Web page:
If an offer contains on its face the terms of a complete contract, the acceptor will not be bound by any other terms intended to be included, unless he knew those terms, or had their existence brought to his knowledge, and was capable of informing himself of their nature.28 Illustrations of this frequently arise in the case of contracts of carriage or bailment with a railroad company or warehouseman, evidenced by a ticket or other document containing terms modifying the liability of the company or warehouseman as carrier or bailee, though, of course, they may arise in the case of other contracts.
The law on this point was thus stated in an English case: "If the person receiving the ticket did not see or know that there was any writing on the ticket, he is not bound by the conditions; if he knew there was writing, and knew or believed that the writing contained conditions, then he is bound by the conditions; if he knew there was writing on the ticket, but did not know or believe that the writing contained conditions, nevertheless he would be bound, if the delivery to him of the ticket in such a manner that he could see that there was writing on it, was, in the opinion of the jury, reasonable notice that the writing contained conditions."27 In all cases, however, the question is the same, namely, have the terms of the offer been fully communicated to the acceptor? And the tendency of judicial decision is towards a general rule that, if a man accepts a document which purports to contain the terms of an offer, he is bound by all the terms, though he may not choose to inform himself of their tenor, or even of their existence.28
25 Taylor v. Laird, 25 L. J. Exch. 329. And see Bartholomew v. Jackson, 20 Johns. (N. Y.) 28, 11 Am. Dec. 237, In which it was held that a person who removed another's property without the latter's knowledge, to prevent its destruction by fire, could not recover for his services, because no offer was ever communicated. See, also, Thornton v. Village of Sturgis, 38 Mich. 639; Nagle v. McMurray, 84 Cal. 539, 24 Pac. 107; Burrows v. Ward, 15 R. I. 340, 5 Atl. 500; Brennan v. Chapin (Com. Pl.) 19 N. Y. Supp. 237; Mann v. Farnum, 17 Colo. 427, 30 Pac. 332. See "Contracts," Dec. Dig. (Key-No.) § 18; Cent. Dig. §§ 1,9-56.
26 In order that a prospectus of a proposed publication may become a part of the contract of a subscriber for the work to be published, so that he may take advantage of statements contained therein, It must appear that the contents of the prospectus were communicated to him, so that he may be supposed to have been influenced thereby. Tichnor v. Hart, 52 Minn. 407, 54 N. W. 309. Hee "Contracts;' Deo. Dig. (Key-No.) §§ 18, 203; Cent. Dig. §§ 49-56, 913-915.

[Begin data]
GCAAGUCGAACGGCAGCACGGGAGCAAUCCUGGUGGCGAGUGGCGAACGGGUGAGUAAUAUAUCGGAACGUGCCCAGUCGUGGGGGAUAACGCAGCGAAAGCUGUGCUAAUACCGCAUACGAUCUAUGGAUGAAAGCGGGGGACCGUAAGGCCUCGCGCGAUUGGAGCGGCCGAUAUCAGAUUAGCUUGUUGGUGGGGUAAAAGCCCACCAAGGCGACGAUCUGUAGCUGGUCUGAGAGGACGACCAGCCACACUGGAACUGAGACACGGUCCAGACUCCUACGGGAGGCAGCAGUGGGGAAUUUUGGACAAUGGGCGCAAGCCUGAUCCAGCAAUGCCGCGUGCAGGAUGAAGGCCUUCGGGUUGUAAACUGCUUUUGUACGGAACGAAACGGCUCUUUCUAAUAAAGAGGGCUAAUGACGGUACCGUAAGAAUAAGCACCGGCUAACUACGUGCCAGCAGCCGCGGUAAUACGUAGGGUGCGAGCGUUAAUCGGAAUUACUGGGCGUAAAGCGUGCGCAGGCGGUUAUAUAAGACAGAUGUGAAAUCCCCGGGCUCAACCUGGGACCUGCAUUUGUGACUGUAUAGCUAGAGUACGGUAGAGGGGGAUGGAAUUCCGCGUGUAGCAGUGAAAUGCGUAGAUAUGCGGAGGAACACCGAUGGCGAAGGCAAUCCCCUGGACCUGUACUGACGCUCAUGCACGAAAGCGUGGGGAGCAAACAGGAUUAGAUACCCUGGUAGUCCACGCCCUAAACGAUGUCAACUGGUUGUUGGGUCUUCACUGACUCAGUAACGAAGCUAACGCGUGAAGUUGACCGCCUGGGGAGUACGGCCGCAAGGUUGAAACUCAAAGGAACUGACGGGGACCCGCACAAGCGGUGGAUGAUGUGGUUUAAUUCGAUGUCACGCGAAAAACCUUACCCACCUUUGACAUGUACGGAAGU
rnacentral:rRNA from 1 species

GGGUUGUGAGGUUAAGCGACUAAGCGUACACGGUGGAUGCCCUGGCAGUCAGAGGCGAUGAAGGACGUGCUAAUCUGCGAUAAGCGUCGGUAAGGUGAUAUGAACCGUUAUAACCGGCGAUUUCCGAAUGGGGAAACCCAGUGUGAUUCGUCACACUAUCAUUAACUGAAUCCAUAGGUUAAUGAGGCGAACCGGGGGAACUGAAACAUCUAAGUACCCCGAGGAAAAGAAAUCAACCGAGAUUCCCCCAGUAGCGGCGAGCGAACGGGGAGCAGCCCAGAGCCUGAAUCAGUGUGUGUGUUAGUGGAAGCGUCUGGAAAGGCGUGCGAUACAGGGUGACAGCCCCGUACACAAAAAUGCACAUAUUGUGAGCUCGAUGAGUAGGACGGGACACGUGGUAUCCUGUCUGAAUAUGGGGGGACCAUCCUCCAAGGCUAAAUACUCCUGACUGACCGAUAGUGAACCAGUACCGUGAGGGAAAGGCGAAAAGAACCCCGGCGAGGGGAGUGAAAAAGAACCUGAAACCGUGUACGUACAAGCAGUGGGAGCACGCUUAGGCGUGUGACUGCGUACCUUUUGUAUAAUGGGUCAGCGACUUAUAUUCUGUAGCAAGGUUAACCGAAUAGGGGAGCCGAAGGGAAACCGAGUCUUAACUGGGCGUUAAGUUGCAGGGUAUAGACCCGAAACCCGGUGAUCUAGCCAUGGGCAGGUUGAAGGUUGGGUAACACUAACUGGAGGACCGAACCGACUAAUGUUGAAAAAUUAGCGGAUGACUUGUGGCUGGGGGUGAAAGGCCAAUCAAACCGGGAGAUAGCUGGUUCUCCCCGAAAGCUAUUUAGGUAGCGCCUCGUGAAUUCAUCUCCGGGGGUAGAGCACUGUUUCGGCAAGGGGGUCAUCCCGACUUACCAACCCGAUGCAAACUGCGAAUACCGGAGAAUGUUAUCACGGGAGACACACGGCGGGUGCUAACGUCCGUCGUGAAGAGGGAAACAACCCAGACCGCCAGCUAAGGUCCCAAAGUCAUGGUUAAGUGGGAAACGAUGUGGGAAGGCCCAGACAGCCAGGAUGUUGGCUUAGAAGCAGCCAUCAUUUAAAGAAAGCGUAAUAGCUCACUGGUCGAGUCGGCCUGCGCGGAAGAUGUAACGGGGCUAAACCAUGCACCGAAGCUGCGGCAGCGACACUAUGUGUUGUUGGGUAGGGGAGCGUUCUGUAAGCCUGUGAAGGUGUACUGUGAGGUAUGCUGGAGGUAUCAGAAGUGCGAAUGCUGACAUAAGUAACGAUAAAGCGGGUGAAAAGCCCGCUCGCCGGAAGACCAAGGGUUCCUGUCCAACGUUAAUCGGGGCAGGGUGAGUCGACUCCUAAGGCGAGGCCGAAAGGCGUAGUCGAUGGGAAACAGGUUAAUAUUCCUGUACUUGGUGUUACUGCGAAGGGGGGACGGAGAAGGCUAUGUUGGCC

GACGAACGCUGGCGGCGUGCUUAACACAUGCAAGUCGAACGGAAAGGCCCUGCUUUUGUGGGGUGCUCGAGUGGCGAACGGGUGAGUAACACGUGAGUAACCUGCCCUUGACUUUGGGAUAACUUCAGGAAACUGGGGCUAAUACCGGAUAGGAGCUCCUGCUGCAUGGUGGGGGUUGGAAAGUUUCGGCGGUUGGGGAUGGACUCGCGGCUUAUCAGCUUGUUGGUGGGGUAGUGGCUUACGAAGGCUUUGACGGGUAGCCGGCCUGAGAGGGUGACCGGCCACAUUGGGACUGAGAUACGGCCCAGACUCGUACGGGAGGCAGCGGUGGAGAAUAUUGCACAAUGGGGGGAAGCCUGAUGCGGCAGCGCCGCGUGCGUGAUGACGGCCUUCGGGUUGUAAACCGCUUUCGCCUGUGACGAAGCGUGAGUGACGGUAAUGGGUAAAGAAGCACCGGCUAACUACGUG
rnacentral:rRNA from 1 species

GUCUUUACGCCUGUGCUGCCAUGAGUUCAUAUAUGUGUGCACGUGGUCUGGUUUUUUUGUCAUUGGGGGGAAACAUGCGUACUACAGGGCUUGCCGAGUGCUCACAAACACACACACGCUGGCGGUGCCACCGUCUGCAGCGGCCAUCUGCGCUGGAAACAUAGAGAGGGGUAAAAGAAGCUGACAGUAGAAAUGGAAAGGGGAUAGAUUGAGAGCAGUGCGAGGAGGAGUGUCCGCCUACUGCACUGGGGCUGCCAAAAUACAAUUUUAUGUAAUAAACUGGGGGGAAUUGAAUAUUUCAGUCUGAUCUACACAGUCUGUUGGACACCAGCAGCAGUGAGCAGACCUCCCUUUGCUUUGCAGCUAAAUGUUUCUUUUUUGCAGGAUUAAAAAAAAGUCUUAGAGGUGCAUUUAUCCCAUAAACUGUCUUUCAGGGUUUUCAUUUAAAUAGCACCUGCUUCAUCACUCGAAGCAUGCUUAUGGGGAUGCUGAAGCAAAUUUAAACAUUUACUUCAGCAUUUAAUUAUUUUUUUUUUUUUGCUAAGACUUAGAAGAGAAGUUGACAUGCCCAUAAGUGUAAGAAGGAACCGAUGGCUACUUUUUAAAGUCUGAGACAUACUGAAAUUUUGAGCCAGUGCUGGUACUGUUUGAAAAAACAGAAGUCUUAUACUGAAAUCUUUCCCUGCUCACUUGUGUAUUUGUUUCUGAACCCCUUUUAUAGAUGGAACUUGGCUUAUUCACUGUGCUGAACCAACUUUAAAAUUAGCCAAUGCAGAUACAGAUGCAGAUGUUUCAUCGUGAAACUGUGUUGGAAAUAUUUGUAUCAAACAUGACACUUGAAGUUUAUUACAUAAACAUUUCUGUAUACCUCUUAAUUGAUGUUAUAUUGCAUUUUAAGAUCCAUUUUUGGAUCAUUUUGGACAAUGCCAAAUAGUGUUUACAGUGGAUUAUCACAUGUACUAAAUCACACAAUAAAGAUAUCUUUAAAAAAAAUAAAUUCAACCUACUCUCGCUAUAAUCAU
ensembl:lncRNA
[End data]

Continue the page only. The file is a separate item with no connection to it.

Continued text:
It has been said that an offer under seal constitutes an exception to the inoperative character of an uncommunicated offer, at least to the extent that the party making an offer in this form is bound to leave it open until the other party has had an opportunity to accept or reject it. This doctrine, however, is based on a mistaken conception of the nature and effect of a deed or instrument under seal. And an offer under seal is no •exception to the general rule that an offer is wholly without
27 Parker v. Railway Co., 2 C. P. Div. 423. See, also. Richardson v. Roun-tree  App. Cas. 217; The Majestic, 166 U. S. 375, 17 Sup. Ct 597, 41 L. Ed. 1039. Where a ticket by steamer from Dublin to Whitehaven contained on its face only the words, "Dublin to Whitehaven," it was held that the purchaser was not bound by conditions on the back of the ticket, which he had not seen, since the ticket was a complete contract on its face. Henderson v. Stevenson, L. R. 2 H. L. 470.
On the other hand, where a ticket had written on its face the words, "Subject to the conditions on the other side," and the person to whom it was issued admitted knowledge that there were conditions, but said he had not read them, the conditions contained on the back were held binding notwithstanding they were not read. Harris v. Railway Co., 1 Q. B. Div. 515.
In another case the ticket contained on its face the words, "See back," and the person to whom it was given admitted knowledge of writing on the ticket, but denied all knowledge that the writing contained conditions. It was held that he was bound by the conditions if the jury were of opinion that the ticket amounted to a reasonable notice of their existence. Parker v. Southeastern Ry. Co., supra. See "Carriers" Dec. Dig. (Key-No.) §§ 62, 158; Cent. Dig. §§ 195-206 1/2, 687-690.
28 Burke v. Railway Co., 5 C. P. Div. 1; Watkins v. Rymill, 10 Q. B. Div. 178; McClure v. Railroad Co., 34 Md. 532, 6 Am. Rep. 345; Johnson v. Same, 63 Md. 106; Boylan v. Railroad Co., 132 U. S. 146, 10 Sup. Ct. 50, 33 L. Ed. 290; Durgin v. Express Co., 66 N. H. 277, 20 Atl. 328, 9 L. R. A. 453; Davis v. Railroad Co., 66 Vt. 290, 29 Atl. 313, 44 Am. St Rep. 852; Fonseca v. Steamship Co., 153 Mass. 553, 27 N. E. 665, 12 L. R. A. 340, 25 Am. St. Rep. 660; Schaller v. Railway Co., 97 Wis. 31, 71 N. W. 1042. But some effect until communicated. There can be no contract without mutual assent; and how may a party assent to that which has never been communicated to him?29